- Protestant Perspectives on Ireland: John Bull’s Other Island and The Real Charlotte
In this essay, I compare Shaw’s John Bull’s Other Island (1904) with another contemporary text about Ireland, the novel The Real Charlotte (1894), written by the cousins Edith Somerville and Violet Martin under the pen names of Somerville and Ross. In both texts, I will analyze the current social and economic state of Ireland at the end of the nineteenth century, with contrasting results, and it is my contention that Shaw’s astute predictions about the future of an independent and largely Irish Catholic Ireland contrast sharply with the evasions of the Somerville and Ross novel. The Real Charlotte was a popular and widely read novel, well known to Shaw, and therefore it is revealing to place the two texts together and see the ways in which Shaw manages to undermine the evasions of the novel.
By way of introduction to the two texts, I want to consider a fascinating exchange about a dramatized version of Irish society for the London stage, as it reveals a great deal about the different perspectives on Ireland held by Shaw and by Edith Somerville. In January 1922, Somerville (1858–1949) sent a draft of her play Flurry’s Wedding to her cousin Charlotte and husband Bernard Shaw, looking for advice about the merits and commercial prospects for her drama. Initially, Somerville had been slow to warm to Shaw when he married Charlotte Payne-Townshend, writing on 9 June 1896 to her brother with the news that: “She is now Mrs George Bernard Shaw and I hope she likes it—He is an advanced socialist (all the same, he kept his weather eye upon this matter). Of course, he is an awfully clever man. He began as an office boy in Townsend Trench’s agency office in Dublin and now he is distinctly someone in a literary way but he cannot be a gentleman and he is too clever to be really in love with Lottie who is nearly clever but not quite!”1 Somerville’s slightly condescending [End Page 63] disapproval is made even clearer in a subsequent letter to her brother: “Charlotte seems perfectly happy and delighted with her cad, for cad he is in spite of his talent.”2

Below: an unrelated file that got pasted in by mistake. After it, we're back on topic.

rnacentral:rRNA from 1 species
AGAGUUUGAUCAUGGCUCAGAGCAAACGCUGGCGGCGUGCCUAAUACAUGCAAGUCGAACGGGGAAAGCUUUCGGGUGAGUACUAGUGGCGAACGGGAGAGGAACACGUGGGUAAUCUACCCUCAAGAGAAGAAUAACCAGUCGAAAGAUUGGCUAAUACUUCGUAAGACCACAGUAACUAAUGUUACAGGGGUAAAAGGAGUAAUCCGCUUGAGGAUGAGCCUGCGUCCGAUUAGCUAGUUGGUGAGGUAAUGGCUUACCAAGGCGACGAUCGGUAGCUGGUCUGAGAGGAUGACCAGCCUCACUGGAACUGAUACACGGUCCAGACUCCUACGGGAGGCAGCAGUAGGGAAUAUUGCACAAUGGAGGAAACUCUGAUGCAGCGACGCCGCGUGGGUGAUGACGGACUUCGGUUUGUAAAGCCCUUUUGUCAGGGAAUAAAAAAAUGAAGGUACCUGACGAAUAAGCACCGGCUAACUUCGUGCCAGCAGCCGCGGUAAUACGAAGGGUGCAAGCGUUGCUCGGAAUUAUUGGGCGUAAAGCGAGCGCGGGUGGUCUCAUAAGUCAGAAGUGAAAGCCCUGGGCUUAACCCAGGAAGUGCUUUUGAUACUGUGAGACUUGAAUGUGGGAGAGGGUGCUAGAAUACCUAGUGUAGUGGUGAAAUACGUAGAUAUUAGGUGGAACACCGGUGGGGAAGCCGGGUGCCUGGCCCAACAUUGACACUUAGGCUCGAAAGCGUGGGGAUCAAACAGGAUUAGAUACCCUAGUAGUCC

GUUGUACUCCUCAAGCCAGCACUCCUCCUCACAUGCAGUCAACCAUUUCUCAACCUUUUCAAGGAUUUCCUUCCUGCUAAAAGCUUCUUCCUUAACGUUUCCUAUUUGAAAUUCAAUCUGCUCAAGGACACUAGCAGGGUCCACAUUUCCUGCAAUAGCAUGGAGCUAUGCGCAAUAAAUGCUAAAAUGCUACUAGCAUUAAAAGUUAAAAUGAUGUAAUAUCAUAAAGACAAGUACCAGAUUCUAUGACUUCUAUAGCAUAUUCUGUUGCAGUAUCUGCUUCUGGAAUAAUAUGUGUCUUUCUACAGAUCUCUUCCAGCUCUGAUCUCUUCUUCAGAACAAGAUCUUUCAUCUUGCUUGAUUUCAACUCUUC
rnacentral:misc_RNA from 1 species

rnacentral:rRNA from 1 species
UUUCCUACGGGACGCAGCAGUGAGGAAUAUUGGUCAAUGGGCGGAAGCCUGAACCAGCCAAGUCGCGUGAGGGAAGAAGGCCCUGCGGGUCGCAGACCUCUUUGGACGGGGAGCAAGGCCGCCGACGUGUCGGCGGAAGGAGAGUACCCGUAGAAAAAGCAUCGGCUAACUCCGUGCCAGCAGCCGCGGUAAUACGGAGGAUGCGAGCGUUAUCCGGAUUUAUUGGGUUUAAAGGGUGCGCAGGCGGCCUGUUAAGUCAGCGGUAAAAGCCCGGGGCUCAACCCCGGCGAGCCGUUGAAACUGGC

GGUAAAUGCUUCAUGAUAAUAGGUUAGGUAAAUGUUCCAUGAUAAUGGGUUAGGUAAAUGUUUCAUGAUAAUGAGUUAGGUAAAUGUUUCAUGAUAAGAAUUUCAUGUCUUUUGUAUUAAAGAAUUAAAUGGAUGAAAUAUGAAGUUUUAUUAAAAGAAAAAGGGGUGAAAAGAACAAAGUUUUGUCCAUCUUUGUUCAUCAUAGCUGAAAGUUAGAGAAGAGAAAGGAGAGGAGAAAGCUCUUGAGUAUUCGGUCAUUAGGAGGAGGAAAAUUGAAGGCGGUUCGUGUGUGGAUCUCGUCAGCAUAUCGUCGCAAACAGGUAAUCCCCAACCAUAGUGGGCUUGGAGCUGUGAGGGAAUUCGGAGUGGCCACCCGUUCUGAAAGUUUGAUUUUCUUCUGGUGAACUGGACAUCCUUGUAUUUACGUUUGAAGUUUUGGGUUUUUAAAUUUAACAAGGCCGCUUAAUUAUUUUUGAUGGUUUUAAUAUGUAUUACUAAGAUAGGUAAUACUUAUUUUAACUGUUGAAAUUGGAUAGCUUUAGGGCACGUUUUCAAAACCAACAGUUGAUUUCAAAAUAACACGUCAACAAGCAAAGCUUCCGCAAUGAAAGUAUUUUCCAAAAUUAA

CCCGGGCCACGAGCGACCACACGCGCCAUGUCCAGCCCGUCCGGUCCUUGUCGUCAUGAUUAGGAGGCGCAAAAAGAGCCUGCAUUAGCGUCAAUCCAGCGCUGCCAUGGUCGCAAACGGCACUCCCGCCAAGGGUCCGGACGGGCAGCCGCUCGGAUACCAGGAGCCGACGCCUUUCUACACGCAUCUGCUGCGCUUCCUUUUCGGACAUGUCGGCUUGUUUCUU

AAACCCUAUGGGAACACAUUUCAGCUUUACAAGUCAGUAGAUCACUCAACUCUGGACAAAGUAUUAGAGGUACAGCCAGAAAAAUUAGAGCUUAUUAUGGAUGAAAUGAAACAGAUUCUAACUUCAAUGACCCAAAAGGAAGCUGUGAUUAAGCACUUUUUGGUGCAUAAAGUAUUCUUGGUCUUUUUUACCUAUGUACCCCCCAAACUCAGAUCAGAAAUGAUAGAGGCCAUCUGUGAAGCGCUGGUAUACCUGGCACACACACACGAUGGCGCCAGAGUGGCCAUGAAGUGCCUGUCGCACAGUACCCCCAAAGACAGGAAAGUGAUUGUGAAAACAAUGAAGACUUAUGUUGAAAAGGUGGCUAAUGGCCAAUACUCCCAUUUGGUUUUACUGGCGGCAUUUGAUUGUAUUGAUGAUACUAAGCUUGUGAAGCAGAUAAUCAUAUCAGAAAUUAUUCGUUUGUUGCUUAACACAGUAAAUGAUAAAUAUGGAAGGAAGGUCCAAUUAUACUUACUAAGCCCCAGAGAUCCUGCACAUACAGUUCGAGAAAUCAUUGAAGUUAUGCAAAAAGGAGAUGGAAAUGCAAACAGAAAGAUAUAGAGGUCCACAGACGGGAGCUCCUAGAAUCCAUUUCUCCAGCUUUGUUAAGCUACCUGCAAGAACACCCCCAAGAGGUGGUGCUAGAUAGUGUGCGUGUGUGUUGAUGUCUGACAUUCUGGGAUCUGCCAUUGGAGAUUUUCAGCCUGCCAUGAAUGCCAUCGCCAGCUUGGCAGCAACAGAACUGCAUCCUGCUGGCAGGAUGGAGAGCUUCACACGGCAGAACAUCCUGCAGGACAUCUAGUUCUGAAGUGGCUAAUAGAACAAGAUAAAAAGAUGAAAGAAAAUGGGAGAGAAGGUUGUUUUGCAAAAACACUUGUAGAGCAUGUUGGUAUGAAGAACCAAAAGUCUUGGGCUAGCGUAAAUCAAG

However, Somerville began to change her mind about the “cad,” particularly after Shaw and Charlotte visited Castletownshend in 1906 and a friendship was established between the two writers. Thus, in 1922, when Somerville began to wonder if the commercial stage might become a source of income for her, she turned to Shaw for his opinion, and, implicitly, his help with London theaters. Somerville had written the well-known Some Experiences of an Irish R.M. (1899) with her cousin Violet Martin (1862–1915), who had used the pseudonym Martin Ross. Edith now drew on some of the successful Irish RM stories in putting together Flurry’s Wedding, hoping to capitalize on their popularity. Shaw read the play and, in replying to Somerville’s letter, he pulled no punches.3 He disliked her adaptation intensely and told her so at length and in no uncertain terms, reserving his strongest attack for her representations of the problem of Ireland and the Irish poor:
Like many storytellers and novelists of genius, you have no respect for the theatre and no knowledge of its limitations. . . . you see, the play is abominably immoral, at root, all through you re asking the audience to laugh at dirt, worthlessness, dishonesty and mischief for their own sake. Also you write like a lady, in the worst sense of the word, that is, it never seems to occur to you that poor people are human beings. . . . I must not keep on lecturing and abusing you, but you had better get it straight between the eyes from me now, rather than go through a long tragedy of hope disappointed. . . . you have been very badly brought up, in some ways, as all we Irish have been: we have trained ourselves to bear the dirt and ignorance and poverty of our unfortunate country by two villainous drugs: drink and derision. That will not go down in...